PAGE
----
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Home is Where the Heart Is

Being an immigrant is one of life’s necessities for Amsterdam based Japanese designer Sayaka Abe. Her current project with artist collective Home-Work explores her life as an immigrant. 

By Gabrielle Kennedy / 14-02-2013

“As an artist I couldn’t live in my hometown in Japan,” says Sayaka Abe. “When I go back to Japan I feel relaxed, but I can’t imagine being there forever. I would have to quit being an artist if I did. Being in a foreign country keeps me unsure, insecure, and curious for changes.” 

Trying to figure out how other immigrants deal with the concept of home, artist and design collective Home-Work explores life as an immigrant. Specifically Chinese immigrants – first and second generation – in the Netherlands. Their research has led to an exhibition opening this Saturday 16 February at the Lloyd Hotel in Amsterdam.  

Abe’s work on identity started during her studies at the Rietveld Academy in Amsterdam where she struggled with the blunt criticism she received that would have been unheard of in Japan. “In Amsterdam you need a lot of energy, just to be here,” she says. “It’s not easy.”

She describes herself now as “Japanese and non-Japanese” at the same time. To address this issue Abe and three others initiated the project “Stamppot met Rodekool” back in 2009. The title refers to something that doesn’t really exist – a national Dutch dish of mashed potatoes topped with red cabbage that resembles the Japanese flag.  “We understand Dutch culture, but at the same time we don’t,” she says.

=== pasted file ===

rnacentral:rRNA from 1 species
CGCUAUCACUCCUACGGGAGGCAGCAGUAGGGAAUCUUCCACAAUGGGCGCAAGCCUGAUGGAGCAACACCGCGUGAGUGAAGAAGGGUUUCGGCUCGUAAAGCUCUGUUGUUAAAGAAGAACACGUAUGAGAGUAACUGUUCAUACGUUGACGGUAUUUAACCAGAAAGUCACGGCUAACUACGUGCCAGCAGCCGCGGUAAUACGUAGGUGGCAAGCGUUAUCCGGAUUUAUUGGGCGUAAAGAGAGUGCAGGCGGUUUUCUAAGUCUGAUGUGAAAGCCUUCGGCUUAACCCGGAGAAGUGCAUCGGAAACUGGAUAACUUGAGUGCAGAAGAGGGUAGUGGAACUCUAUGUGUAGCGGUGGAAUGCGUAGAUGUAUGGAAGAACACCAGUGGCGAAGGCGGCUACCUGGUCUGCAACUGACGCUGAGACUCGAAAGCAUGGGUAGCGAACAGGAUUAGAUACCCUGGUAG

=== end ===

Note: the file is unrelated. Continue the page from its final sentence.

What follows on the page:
Her current Home-Work project started during a stay last year in the Chinese city of Xiamen with fellow young artist Krimo Benlaloua, a young Dutchman of German/Moroccan descent. “Everyone migrates to cities in China, and Xiamen also has an enormous number of students from all over the country,” says Abe, “so we did a month-long workshop about identity, where we all come from and where we’re going.”

Back in the Netherlands the questioning continued. This time with Chinese immigrants in Holland. They visited first generation immigrants at a centre for elderly “Foe Ooi Leeuw” in the Amsterdam suburbs. “These people were used to travelling,” Abe says.  “Holland usually wasn’t their first port of call on their world travels. For them ‘home’ is simply the place where they are surrounded by family and can enjoy good food together.”    

For the younger generation, however, it is more complicated. With them Abe is doing a series of workshops leading up to the opening of the exhibition this weekend. The workshops will lead to the production of wearable art pieces based on the participants favourite objects.  

Abe herself might not find home anytime soon. “In my head I can’t find home yet, because I’m afraid of staying the same,” she says.  “As soon as I like something and want it to remain I will get stuck. I will become stiff as an artist. We have to be open and flexible. We always have to keep questioning … Is this good? Where do I want to go? How do I want to be?”

But it is so often out of the confrontation of cultures that interesting things happen. “Maybe that’s why I work for Home-Work, and share the story about finding home,” she says.  “Looking for someone to talk to about home. But never finding it myself.”

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